• Once a king imposed a death sentence on twelve people who committed a crime. These people were hung to death and their bodies were hung from the walls of the temple. It is believed that this led to the temple closure for twelve years after which the idol came to life and made an appearance.
• The back of the idol is moist all the time. Although the priests try their best to keep it dry every time, it continues to remain wet.
• Raw camphor usually tends to cause cracks on any stone on which it is applied. Surprisingly, the idol of Lord Balaji shows high resistance to this. The idol is smeared with raw camphor almost all the time and yet, no fissures, cracks or marks have appeared on it to date.
• The idol has a very high temperature of 110°F although the surroundings are quite cool because of the altitude the temple is located. The temple priests have found that the idol starts sweating profusely every morning after the abhishekam and has to be wiped with a silk cloth. Similarly, the idol is very warm every Thursday when the jewels are taken off to give it a holy bath.
• Goddess Lakshmi is believed to reside in the heart of Lord Balaji. Every Thursday, the idol is decorated with white sandalwood paste for the NjiaRoopa darshanam. After this, when the paste is removed, one can see an imprint of the goddess on the idol.
• The lamp before the idol remains lit all the time throughout the day. There is no information to date when the lamp was lit for the first time but the fact remains that it has been lit for over a thousand years and has never been extinguished so far.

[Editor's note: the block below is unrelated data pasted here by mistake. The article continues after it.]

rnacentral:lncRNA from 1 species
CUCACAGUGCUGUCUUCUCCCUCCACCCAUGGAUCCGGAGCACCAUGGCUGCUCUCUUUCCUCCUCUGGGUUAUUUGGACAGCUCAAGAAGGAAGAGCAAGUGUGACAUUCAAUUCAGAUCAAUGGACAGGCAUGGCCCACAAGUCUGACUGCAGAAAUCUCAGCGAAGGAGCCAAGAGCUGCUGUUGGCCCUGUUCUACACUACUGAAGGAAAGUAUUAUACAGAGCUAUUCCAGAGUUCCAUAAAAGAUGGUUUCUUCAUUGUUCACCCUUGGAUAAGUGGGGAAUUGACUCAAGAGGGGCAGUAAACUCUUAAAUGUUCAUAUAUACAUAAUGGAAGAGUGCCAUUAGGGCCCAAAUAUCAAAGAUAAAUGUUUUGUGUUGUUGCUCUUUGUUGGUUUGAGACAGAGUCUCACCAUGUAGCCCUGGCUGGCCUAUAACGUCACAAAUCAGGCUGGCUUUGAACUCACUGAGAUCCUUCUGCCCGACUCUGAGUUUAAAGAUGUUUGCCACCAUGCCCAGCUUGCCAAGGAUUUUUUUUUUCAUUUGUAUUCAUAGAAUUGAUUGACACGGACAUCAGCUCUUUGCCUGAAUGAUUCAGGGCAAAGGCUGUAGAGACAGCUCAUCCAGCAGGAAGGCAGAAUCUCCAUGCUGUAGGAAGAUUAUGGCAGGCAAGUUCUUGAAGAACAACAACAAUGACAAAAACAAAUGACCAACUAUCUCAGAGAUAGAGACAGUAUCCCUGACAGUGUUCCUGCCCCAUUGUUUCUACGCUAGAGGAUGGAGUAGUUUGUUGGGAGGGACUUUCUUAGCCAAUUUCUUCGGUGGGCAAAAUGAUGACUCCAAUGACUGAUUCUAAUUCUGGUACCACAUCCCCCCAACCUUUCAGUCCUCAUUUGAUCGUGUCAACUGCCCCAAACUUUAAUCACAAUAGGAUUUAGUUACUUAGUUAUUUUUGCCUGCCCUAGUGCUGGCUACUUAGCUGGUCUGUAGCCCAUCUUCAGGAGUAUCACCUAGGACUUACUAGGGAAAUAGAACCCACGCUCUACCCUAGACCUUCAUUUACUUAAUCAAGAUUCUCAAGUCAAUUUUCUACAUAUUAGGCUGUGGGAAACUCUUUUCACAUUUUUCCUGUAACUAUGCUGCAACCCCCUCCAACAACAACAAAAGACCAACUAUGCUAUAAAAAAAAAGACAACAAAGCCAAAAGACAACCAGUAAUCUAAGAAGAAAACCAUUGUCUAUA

• Tirumala Hills, the hills on which the shrine is located, has an entrance that features a rock like formation which looks like a serpent hood. Also, one of the hills looks like the face of the lord. It appears as if you can actually see the face of the sleeping lord.
• There is a stick in standing position on the right door of the temple. It is believed that the stick was used by Ananthalwar to beat the lord when He was a child. Once, the stick hit the deity on His chin and He got hurt as blood started oozing out. Ever since then, sandalwood has been applied on the chin of the deity to heal the wound.
The construction of the Tirupati Balaji temple began a long time ago as early as 300 CE. Over the years, several rulers have made their fair shares of contribution towards the development of the shrine. The shrine is well-known for its ladoo prasad that is offered to the lord and distributed among His devotees. The temple attracts millions of devotees every year and its seven-storey gopuram is an architectural delight with its intricate carvings.
The temple is well-connected from the major towns and cities in the country by both rail and road. The entire route from Tirupati to the Tirumala Hills have been laid with metal pathways and roads for pedestrians and those travelling by road. The temple is one of the most popular pilgrimage sites in the country.
Many devotees undertake climbing the hills to Tirumala for the purpose of fulfilling a vow. The ascend often starts from Alipari in Tirupati and proceeds to the summit of Tirumala by climbing well-laid stone steps. The whole distance is around nine kilometres and there are more than 3,550 steps to be climbed. There is also a shorter route by walk from Srivari Mettu spanning a total of 2,388 steps.
Written by - Deepthi K